Wednesday, August 28, 2013

The Least of Us

With the First Amendment, the Framers of the Constitution bridled Congress from making legislation which gives preferential treatment to any religious establishment; Likewise, Congress shall make no law which prohibits the free exercise of a religious faith or establishment-- for free exercise of one faith demands on some level the rejection of another.

Congress shall make no law respecting an establishment of religion, or prohibiting the free exercise thereof . . .
From the First Amendment of the United States Constitution

For if Congress introduces legislation that gives any religious establishment power over the people, then Congress by default places prohibitions upon any other group which differs from the religious establishment in question.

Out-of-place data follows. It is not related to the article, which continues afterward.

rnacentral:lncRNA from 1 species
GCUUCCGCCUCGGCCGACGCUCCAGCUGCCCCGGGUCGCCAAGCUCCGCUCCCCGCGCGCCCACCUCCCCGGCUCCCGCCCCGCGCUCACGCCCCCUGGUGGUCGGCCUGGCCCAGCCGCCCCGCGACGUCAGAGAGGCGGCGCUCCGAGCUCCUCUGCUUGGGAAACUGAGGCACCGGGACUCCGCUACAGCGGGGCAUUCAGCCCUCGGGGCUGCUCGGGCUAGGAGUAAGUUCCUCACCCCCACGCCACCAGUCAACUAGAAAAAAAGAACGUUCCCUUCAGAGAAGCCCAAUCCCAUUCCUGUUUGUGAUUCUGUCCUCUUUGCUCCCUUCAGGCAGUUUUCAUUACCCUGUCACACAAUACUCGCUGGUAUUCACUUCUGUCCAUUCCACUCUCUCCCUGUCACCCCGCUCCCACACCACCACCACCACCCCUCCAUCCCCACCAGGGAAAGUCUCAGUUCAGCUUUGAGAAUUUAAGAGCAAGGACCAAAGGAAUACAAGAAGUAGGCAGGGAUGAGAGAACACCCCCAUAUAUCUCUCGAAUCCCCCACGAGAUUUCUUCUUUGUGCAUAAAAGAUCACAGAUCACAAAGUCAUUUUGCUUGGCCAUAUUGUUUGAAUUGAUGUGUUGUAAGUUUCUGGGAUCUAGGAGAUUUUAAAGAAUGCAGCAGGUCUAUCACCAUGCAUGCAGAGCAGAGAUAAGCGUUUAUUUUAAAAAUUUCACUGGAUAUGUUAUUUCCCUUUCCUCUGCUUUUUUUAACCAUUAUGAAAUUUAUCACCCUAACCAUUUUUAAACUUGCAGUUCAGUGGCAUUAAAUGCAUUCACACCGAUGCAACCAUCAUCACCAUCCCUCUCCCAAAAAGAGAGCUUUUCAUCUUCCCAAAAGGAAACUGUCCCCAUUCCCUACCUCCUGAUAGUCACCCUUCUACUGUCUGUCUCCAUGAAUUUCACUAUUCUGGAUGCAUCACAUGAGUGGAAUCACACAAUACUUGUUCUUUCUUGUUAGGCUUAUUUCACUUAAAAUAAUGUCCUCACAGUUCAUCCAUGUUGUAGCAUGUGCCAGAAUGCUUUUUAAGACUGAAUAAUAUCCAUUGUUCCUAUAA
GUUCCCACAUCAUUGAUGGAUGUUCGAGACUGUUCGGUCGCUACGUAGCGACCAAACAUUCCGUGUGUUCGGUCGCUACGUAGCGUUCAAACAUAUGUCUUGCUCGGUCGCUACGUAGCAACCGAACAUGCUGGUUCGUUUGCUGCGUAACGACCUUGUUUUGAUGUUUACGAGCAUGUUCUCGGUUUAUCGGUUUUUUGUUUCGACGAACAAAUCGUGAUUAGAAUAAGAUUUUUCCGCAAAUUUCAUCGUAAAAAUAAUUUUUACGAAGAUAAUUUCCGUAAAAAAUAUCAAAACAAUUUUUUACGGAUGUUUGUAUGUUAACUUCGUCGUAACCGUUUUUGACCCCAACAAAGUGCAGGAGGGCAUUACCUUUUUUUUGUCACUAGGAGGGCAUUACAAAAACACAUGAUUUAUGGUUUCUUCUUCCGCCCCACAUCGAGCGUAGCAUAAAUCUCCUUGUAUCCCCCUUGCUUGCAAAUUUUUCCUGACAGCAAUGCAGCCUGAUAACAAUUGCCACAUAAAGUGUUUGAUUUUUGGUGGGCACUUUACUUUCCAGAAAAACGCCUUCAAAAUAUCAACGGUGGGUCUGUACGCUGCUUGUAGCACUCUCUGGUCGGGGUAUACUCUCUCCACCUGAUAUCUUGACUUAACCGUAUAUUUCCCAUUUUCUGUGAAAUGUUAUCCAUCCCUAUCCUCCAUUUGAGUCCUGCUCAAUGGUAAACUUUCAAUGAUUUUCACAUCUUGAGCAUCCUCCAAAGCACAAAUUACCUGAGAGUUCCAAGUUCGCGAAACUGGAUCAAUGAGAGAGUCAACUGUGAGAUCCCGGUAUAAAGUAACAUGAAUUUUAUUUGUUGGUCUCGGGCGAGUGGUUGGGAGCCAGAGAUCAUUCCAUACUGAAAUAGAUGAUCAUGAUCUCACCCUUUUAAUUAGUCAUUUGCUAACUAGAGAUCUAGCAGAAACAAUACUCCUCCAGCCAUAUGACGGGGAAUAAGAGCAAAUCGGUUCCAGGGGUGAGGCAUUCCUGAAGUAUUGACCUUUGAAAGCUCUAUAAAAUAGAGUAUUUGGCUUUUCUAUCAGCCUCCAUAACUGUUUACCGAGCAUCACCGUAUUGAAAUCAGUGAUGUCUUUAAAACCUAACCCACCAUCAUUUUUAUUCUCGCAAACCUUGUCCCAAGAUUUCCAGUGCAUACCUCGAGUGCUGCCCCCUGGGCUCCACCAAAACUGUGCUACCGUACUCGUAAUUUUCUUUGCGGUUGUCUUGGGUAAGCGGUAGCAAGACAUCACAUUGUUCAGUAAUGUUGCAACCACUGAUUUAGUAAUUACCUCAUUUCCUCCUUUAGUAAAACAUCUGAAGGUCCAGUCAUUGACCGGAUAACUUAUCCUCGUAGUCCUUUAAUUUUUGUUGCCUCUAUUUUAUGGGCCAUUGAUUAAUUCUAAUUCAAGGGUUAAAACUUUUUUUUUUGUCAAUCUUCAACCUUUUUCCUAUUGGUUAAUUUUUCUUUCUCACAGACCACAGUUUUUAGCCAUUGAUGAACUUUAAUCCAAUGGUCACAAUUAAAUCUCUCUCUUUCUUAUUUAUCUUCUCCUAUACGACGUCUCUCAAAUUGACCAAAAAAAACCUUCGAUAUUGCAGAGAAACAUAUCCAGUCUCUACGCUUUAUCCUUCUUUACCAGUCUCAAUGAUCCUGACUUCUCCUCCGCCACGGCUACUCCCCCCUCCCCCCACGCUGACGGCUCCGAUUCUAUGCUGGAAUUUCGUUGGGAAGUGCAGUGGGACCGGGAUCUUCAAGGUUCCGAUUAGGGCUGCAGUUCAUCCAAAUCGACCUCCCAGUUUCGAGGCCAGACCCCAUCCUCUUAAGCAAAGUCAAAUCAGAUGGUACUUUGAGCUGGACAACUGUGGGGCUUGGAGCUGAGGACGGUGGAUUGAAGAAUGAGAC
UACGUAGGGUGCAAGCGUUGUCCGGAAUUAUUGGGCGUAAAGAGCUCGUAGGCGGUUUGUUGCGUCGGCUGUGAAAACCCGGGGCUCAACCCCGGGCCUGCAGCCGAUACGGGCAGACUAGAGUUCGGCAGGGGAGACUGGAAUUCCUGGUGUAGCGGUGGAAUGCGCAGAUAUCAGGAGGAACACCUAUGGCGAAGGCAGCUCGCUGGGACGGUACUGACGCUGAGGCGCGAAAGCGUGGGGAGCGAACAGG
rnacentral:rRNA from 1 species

What better barometer do we have for measuring the true level of our freedom as a nation than to investigate how minority groups are treated? Often the minority is the least popular, least powerful group whose rights are rarely realized to the same, full extent as the majority.

On that premise, I submit the idea that the treatment of the agnostic and the atheist in the United States is a gauge of our true state of liberty concerning matters of religious freedom. If the non-religious don't have freedom from religion in the same way that believers may embrace their faith, then I dare say only the members of the most popular religions truly have the right to enjoy their own religious beliefs to the fullest.

Whenever society decides that liberty and justice is not for all, the treatment that befalls the least of us will eventually become everyone's lot in the end.

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